The history of American literature shows that a group of poets and literary scholars came together secretly at Vanderbilt University in Tennessee around 1920. They met on alternate Saturday nights as a poetry workshop. After a while, they felt confident that they had created a good enough body of work to be unleashed on the world and released their work through a magazine called the ‘Fugitive’. Allen Tate, Poet Laureate, a part of this club said: “…a Fugitive is quite simply a Poet: the Wanderer, or even the Wandering Jew, the Outcast, the man who carries the secret wisdom around the world”.
In our lives, through the history books, we read about many fugitives. While the world certainly crucified them and made them miserable during their lifetimes, it wakes up to their greatness after their death, glorifying them through history books, by erecting statues for them, nominating days of the year after them, naming streets after them, holding festivals in their name, etc. But during their lifetime the fugitive may have struggled to make ends meet, have three meals a day, a roof over their head, or even hidden their most brilliant work from the public for fear of persecution.
The first fugitive spirit that comes to my mind is the Tamil Poet Subramania Bharati. A man who tried to influence the freedom movement and inspire the nation through this poetry. A man who spent his entire life in utter penury despite his magnificent creations, unable to support his family, and finally died early at the age of 38. Many such fugitive spirits dot the landscape of Indian history. We see the non-conformists, the vagabonds, and the recluses. We also usually call them crazy as they do not fit into the template that society has created for them.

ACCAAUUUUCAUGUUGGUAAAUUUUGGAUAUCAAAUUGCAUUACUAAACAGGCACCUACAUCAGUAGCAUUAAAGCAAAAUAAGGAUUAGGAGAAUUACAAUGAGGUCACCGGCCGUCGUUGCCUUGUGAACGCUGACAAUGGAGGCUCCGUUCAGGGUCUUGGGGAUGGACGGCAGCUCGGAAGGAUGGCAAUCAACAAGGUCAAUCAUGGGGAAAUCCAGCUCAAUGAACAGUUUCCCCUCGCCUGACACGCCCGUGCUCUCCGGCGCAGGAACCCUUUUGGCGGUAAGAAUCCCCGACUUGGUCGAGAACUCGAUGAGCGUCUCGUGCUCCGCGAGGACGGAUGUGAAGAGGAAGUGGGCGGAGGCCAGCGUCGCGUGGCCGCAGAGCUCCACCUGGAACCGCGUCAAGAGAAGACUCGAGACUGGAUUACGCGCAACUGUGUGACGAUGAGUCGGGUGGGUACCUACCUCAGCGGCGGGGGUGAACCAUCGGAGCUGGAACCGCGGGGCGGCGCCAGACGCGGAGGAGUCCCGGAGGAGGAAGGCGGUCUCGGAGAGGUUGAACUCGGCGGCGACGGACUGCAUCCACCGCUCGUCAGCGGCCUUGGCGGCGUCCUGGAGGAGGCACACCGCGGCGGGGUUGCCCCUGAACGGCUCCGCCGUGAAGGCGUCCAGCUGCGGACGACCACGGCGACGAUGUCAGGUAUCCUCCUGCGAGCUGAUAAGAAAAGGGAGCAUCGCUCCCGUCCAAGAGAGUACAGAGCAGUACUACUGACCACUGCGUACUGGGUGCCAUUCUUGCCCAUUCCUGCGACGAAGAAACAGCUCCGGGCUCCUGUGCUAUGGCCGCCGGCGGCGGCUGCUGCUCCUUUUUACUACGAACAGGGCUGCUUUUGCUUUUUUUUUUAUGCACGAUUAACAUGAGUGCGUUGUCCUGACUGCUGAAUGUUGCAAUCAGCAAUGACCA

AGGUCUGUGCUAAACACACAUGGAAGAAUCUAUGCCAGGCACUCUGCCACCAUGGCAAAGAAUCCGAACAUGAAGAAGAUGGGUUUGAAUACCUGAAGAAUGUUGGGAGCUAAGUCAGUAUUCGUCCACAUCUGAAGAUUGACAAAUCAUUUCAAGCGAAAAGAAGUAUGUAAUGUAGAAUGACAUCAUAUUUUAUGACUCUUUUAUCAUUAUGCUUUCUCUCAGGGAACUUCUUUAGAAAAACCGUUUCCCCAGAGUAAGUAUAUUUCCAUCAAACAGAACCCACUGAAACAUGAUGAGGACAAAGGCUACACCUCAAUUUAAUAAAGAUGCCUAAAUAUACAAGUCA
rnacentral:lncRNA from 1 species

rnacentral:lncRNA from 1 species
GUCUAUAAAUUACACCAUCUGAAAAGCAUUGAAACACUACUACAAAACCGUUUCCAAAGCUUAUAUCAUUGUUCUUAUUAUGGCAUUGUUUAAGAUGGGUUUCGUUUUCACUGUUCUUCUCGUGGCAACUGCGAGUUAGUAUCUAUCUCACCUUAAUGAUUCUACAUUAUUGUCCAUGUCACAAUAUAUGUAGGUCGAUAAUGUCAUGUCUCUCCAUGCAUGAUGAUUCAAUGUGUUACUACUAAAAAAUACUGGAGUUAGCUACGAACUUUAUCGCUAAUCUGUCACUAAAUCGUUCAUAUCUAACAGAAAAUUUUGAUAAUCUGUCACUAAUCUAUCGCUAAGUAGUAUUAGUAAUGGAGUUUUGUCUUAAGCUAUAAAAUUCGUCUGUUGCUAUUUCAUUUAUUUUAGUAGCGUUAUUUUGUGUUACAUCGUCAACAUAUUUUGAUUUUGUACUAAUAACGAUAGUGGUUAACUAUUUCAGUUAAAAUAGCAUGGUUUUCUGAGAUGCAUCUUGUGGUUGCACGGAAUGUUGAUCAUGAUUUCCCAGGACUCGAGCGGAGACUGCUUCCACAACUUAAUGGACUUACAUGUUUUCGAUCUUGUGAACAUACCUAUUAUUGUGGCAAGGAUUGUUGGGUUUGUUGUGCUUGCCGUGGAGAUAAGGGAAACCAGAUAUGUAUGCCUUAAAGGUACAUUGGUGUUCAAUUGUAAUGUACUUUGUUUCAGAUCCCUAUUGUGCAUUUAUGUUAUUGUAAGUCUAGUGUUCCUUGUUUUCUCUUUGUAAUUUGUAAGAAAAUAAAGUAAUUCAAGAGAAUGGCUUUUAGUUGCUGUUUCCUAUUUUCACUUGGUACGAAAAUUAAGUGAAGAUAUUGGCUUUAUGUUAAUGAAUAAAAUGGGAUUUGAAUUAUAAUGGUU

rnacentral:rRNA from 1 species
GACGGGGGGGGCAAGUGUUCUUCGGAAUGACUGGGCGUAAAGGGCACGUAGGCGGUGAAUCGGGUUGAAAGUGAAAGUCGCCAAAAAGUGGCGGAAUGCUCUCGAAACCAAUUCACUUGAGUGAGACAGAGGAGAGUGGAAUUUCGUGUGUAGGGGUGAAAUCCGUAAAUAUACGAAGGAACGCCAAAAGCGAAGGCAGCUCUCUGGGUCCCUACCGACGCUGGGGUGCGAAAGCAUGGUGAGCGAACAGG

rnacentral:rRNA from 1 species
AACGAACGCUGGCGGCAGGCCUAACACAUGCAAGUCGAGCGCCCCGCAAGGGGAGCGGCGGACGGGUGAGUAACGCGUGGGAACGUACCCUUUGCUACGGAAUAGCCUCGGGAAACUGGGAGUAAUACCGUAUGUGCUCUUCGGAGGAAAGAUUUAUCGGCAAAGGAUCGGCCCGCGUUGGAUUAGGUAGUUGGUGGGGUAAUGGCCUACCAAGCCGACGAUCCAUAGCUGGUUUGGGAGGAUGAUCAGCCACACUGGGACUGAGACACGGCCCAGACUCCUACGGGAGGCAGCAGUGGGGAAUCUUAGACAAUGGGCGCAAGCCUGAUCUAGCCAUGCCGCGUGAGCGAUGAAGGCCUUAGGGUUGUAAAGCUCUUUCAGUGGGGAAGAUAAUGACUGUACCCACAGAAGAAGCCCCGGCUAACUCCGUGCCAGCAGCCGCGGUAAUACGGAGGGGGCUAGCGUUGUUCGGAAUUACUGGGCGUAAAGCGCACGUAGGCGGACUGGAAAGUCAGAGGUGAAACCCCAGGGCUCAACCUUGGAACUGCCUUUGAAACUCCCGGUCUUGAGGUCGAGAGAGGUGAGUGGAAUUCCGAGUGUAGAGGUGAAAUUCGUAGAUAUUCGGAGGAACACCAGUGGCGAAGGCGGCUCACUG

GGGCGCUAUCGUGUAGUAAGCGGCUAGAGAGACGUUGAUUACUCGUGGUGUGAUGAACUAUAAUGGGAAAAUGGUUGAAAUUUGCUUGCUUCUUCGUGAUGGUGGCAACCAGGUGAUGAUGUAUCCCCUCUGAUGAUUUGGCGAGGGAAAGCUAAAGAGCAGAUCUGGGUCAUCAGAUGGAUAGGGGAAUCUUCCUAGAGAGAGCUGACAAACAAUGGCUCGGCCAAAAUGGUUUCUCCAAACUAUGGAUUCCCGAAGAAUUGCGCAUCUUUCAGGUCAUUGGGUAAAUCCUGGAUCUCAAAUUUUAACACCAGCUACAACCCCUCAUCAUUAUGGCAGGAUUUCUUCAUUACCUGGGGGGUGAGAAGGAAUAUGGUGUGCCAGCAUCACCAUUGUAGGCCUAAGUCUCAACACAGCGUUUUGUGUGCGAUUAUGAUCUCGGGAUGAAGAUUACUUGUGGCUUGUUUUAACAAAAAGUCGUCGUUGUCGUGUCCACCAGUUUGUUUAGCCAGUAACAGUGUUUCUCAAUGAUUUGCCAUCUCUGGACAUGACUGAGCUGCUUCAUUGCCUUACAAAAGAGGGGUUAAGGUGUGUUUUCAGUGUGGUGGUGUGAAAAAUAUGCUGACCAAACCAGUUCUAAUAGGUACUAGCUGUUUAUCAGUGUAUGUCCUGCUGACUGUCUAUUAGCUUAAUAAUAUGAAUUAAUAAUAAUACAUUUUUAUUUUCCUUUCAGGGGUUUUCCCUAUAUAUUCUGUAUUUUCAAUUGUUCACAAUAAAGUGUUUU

All of us have a pinch of the fugitive in us. My 8-year-old son was absolutely comfortable wearing his sister’s pink colored pants that had the word ‘Princess’ printed on it. In fact, I was worried that he was going to get bullied at the playground and as he was getting ready to step out, I stopped him and told him to change his pants. He refused. These are comfortable pants and I don’t care, he said as he breezed out the door. But as we grow older it does get harder and harder to ignore the straight-jacketed expectations of society.
Fugitive spirits are born. That kind of spirit cannot be nurtured. While we can certainly try and stifle it, we cannot create it . They have the innate thirst to break stereotypes, push the boundaries, grab life by the shoulders and shake it hard out of its complacency. That kind of a spirit is just innate. A gene mutation, almost, that refuses to be caged by the banal, predictable, un-evolved state of existence. That which transcends the herd mentality.
Thanks to social media and the evolution of the world overall, society is now exposed to more than ‘normal’. My jaw dropped when I saw the life of orthodox Jews in the series “Unorthodox”. Today through global media we are exposed to multiple cultures, practices, and views that are very different from ours. The positive result of this global connection is that it is improving our ability to empathize, understand diverse perspectives, and be open to choices that are different from ours. While there will always be fugitive spirits, hopefully this new world with all its exposure will be more welcoming of them instead of the brickbats that it usually wields to fend them off.
Great write-up. As a society, we will be better off if all of us, as members, don’t whack the fugitive spirit in the head every time it rears its head.
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